I've been experiencing problems with this issue again as my climbing has increased due to fall semester hours; pretty much quadrupling my weekly time in the gym. What are your experiences with this, and recommended rest time? I had symptoms a couple weeks ago that subsided after about four days rest, but I must have gone back at it too hard. My symptoms came back again after one week, and quite fiercely. I had to cancel plans to get out today because I can still sense the sensitivity in my elbows after four days rest again. I want to get back on the wall, but most importantly I don't want to hurt myself. Presently my goals are to break into 12's indoor at our school gym (currently knocking on the door of that goal), and I want to be as strong as I can manage for a trip to the Red over Thanksgiving. Thank you for any input :)
Edit to add... I feel like I'm doing enough to warm up and cool down, but I am relatively new to climbing (2'ish years) and am not well versed in specifics for the sport. What are your recommended reading/video resources for safely developing a training plan?
this has been addressed pretty heavily here, but at least you posted it in the training forum!
you'll probably have to search through previous threads for info, especially inside v. outside of the elbow ("golfer's" v. "tennis") but the one thing that has been very helpful for me in preventing golfer's (inside) elbow pain is working antagonistic muscle groups. Standing with your elbow at your side and your forearm parallel to the ground, hold a hammer (or a broom or a light bar or whatever) starting with your palm up and weight to the outside. rotate the hammer all the way over until your palm is down and then go back.
as with most (all?) overuse injuries, you have to completely stop doing whatever it is that makes it hurt and then slowly rebuild with better habits. this will probably take more than 4 days- I would guess 1 week minimum. also, ice like crazy for tendon/muscle injuries.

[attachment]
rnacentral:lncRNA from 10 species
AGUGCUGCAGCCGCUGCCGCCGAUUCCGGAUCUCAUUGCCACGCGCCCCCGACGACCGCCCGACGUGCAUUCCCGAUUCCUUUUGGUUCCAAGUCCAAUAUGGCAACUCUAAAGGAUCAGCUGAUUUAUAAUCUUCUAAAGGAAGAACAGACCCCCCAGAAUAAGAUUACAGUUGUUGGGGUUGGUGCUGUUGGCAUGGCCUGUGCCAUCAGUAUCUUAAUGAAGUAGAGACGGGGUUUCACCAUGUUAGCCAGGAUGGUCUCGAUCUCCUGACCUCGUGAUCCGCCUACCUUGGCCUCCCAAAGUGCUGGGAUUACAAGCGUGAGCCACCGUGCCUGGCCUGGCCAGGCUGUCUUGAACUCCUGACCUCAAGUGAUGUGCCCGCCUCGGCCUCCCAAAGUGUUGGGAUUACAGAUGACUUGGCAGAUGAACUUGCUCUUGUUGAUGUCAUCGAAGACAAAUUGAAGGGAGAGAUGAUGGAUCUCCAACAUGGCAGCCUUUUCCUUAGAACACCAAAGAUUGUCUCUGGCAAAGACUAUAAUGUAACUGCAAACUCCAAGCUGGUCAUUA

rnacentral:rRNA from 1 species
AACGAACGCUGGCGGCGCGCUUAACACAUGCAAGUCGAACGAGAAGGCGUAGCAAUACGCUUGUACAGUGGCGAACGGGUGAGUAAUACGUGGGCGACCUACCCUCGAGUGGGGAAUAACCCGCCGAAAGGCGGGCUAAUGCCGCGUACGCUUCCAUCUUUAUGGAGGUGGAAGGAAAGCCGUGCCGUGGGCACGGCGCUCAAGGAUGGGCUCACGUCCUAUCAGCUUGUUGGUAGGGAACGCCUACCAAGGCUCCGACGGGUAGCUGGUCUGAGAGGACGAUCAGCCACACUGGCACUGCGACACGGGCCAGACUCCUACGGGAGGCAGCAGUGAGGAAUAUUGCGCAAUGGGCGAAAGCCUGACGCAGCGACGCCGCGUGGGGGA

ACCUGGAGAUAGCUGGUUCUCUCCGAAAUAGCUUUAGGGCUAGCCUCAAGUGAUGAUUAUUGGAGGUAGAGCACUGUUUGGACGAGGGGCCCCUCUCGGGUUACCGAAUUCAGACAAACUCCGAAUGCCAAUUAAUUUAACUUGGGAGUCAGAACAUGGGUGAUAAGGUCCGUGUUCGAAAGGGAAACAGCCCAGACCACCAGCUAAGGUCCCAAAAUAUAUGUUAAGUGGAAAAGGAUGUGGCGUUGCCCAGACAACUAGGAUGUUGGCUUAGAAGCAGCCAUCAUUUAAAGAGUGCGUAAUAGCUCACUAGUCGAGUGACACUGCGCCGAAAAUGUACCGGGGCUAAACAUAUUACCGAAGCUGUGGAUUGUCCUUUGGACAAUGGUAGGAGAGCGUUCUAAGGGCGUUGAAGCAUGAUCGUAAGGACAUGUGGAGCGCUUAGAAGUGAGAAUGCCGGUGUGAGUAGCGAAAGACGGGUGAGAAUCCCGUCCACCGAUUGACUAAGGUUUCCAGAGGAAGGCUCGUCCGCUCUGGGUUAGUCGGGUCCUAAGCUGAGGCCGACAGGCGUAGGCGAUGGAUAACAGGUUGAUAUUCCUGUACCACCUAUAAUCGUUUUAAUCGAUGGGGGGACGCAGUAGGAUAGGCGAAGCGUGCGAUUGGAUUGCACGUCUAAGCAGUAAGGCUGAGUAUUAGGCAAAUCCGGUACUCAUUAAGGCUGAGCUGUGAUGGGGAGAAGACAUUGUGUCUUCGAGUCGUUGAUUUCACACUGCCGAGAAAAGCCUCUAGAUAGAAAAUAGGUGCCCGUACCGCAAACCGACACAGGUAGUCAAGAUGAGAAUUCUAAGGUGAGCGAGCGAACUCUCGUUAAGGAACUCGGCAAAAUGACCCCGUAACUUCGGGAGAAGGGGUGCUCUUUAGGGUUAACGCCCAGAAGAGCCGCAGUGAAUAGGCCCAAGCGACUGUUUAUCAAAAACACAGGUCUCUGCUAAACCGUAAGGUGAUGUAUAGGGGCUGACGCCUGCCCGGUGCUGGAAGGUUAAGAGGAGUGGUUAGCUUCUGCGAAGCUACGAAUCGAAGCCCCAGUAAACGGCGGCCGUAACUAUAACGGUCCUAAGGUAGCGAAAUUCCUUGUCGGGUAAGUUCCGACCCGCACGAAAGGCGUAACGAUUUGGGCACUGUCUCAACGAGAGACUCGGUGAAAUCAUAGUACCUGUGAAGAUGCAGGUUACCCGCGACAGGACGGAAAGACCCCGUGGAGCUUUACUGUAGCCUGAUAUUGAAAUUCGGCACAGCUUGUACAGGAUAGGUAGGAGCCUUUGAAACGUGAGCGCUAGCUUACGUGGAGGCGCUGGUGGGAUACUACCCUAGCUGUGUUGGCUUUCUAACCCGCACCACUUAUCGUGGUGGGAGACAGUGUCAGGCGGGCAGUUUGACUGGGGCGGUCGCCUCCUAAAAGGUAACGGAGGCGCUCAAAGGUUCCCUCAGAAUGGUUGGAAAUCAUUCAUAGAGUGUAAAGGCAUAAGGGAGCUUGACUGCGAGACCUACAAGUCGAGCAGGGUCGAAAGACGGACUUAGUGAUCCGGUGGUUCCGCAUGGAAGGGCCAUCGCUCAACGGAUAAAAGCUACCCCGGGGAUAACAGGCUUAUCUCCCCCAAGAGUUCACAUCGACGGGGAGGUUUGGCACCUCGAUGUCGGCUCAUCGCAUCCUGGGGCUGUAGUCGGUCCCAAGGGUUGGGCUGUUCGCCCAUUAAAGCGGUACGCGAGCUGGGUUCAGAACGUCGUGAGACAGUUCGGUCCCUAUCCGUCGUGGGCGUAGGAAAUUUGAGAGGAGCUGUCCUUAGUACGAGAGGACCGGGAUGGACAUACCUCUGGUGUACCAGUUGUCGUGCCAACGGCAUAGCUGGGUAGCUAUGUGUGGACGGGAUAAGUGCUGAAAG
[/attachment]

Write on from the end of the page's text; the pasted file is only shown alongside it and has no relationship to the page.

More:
as described by berl except I use a big can of peaches duct-taped to the end portion of any 2 ft ergonomic stick or pipe. I sit down and lay my forearms along the tops of my thighs as there doesnt seem to be a reason to also work the biceps. the effect is achieved by twisting your forearm from a supinated to a pronated (i think those are the correct words)position and back and forth again and again with resistance until you sort of balance the muscle tension throughout the forearm, then no single tendon or ligament or whatever is getting pulled way too tight. I'm not a doctor or anything so if someone with that authority calls me on that I submit my whatever shrug now. Also, depending on the level of burning in my elbows i will choke up or down on the broom stick, increasing or decreasing leverage, weight and effect. 3 sets of 15 each arm 4 to 6 sessions a day works for me to relieve the problem throughout the season. Also the HIT workout does me some good with that for some reason.
Thanks for the feedback. Excuse me if this one has been exhausted so far. I've been through some forums with terrible search function in the past, and hadn't tried yet. I'm definitely experiencing outside pain. I've had a history of joint issues when I've worked out hard on a given sport, and this is pretty annoying. Guess I'll take more time off, and spend the time researching and working on recovery instead :/